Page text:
American Journal of Computational Mathematics
Vol.04 No.05(2014), Article ID:51290,8 pages

Fast and Numerically Stable Approximate Solution of Trummer’s Problem

Mohammad M. Tabanjeh

Department of Mathematics and Computer Science, Virginia State University, Petersburg, USA


Copyright © 2014 by author and Scientific Research Publishing Inc.

This work is licensed under the Creative Commons Attribution International License (CC BY).

Received 9 September 2014; revised 10 October 2014; accepted 20 October 2014


Trummer’s problem is the problem of multiplication of an n × n Cauchy matrix C by a vector. It serves as the basis for the solution of several problems in scientific computing and engineering [1] . The straightforward algorithm solves Trummer’s problem in O(n2) flops. The fast algorithm solves the problem in O(nlog2n) flops [2] but has poor numerical stability. The algorithm we discuss here in this paper is the celebrated multipoint algorithm [3] which has been studied by Pan et al. The algorithm approximates the solution in O(nlogn) flops in terms of n but its cost estimate depends on the bound of the approximation error and also depends on the correlation between the entries of the pair of n-dimensional vectors defining the input matrix C.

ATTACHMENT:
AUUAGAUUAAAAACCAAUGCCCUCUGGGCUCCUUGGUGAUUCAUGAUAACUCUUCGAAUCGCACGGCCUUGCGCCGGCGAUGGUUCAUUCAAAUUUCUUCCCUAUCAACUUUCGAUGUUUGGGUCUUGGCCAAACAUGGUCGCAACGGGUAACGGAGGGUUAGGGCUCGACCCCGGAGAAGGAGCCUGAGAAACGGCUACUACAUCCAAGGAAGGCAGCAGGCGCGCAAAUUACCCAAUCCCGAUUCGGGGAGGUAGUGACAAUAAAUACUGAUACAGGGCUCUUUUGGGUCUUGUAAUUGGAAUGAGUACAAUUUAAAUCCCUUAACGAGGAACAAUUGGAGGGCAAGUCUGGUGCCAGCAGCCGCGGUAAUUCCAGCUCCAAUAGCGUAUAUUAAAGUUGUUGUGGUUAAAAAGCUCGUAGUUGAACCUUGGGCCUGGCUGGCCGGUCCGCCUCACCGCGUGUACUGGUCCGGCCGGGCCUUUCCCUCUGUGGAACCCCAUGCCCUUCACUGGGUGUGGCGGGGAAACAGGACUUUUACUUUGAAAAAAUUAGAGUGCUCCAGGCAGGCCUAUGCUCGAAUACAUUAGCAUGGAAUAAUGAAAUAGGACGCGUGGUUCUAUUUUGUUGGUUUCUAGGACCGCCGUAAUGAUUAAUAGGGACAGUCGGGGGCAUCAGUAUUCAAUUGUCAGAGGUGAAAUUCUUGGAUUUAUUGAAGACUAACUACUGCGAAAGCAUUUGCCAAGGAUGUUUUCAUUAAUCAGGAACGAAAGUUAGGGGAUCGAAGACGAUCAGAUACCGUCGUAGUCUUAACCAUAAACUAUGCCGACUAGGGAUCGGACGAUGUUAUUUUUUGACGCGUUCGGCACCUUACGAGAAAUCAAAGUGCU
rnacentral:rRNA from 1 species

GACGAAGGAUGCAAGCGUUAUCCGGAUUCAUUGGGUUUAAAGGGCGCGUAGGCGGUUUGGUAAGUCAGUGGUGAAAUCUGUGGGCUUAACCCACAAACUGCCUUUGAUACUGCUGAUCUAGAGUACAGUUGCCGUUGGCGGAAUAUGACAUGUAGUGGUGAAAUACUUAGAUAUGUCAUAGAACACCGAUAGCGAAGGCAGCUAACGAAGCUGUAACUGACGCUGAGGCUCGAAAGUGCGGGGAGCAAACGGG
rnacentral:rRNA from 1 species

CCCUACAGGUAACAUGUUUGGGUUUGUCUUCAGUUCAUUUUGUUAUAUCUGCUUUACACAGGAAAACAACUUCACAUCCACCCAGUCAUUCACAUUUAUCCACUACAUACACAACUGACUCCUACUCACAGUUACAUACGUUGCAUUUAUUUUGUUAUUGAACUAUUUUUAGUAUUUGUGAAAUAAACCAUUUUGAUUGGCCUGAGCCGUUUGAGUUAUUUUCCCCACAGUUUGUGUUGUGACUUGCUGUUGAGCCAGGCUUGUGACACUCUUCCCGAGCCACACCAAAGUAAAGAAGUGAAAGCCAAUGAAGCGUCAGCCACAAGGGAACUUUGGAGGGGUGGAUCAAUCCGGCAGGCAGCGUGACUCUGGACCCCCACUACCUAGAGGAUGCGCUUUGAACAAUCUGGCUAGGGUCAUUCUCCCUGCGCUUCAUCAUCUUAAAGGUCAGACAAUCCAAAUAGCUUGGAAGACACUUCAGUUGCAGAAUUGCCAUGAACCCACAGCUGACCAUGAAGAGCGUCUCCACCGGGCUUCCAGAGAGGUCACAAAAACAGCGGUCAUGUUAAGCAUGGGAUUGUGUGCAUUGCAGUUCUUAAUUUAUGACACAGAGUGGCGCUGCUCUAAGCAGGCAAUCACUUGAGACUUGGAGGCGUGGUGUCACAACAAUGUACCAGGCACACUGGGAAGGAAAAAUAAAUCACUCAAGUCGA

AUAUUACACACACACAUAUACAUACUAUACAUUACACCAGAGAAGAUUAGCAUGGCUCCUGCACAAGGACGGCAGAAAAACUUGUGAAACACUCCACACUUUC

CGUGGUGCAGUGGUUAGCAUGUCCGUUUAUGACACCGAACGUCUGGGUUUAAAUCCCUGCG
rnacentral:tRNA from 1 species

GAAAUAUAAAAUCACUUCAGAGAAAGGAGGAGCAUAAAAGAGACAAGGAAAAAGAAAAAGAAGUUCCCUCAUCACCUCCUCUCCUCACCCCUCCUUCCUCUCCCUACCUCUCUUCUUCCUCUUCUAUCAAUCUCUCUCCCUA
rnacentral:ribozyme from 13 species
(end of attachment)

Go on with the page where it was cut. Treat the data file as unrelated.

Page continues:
Cauchy Matrix, Mulipoint Algorithm, Structure Matrices, Displacement Operators

1. Introduction

Computations with dense structured matrices have many applications in sciences, communications and engineering. The structure enables dramatic acceleration of the computations and major decrease in memory space but sometimes leads to numerical stability problems. The best well-known classes of structured matrices are Toeplitz, Hankel, Cauchy and Vandermonde matrices.

The computations with such matrices are widely applied in the areas of algebraic coding, control, signal processing, solution of partial differential equations and algebraic computing. For example, Toeplitz matrices arise in some major signal processing computations and the problem of multiplying Vandermonde matrix by a vector is equivalent to polynomial evaluation, whereas solving a Vandermonde system is equivalent to polynomial interpolation. Moreover, Cauchy matrices appear in the study of integral equations and conformal mappings. The complexity of computations with n × n dense structured matrices dramatically decreases in comparison with the general n × n matrices, that is, from the order of n2 words of storage space and arithmetic operations (ops) with in the best algorithms, to words of storage space and ops (see Table 1 below for more details).

2. Some Basic Definitions

Throughout this paper, we use the following notations; denotes the set of nonnegative integers, is the set of positive real numbers, Z+ denotes the set of positive integers, and R denotes the set of real numbers.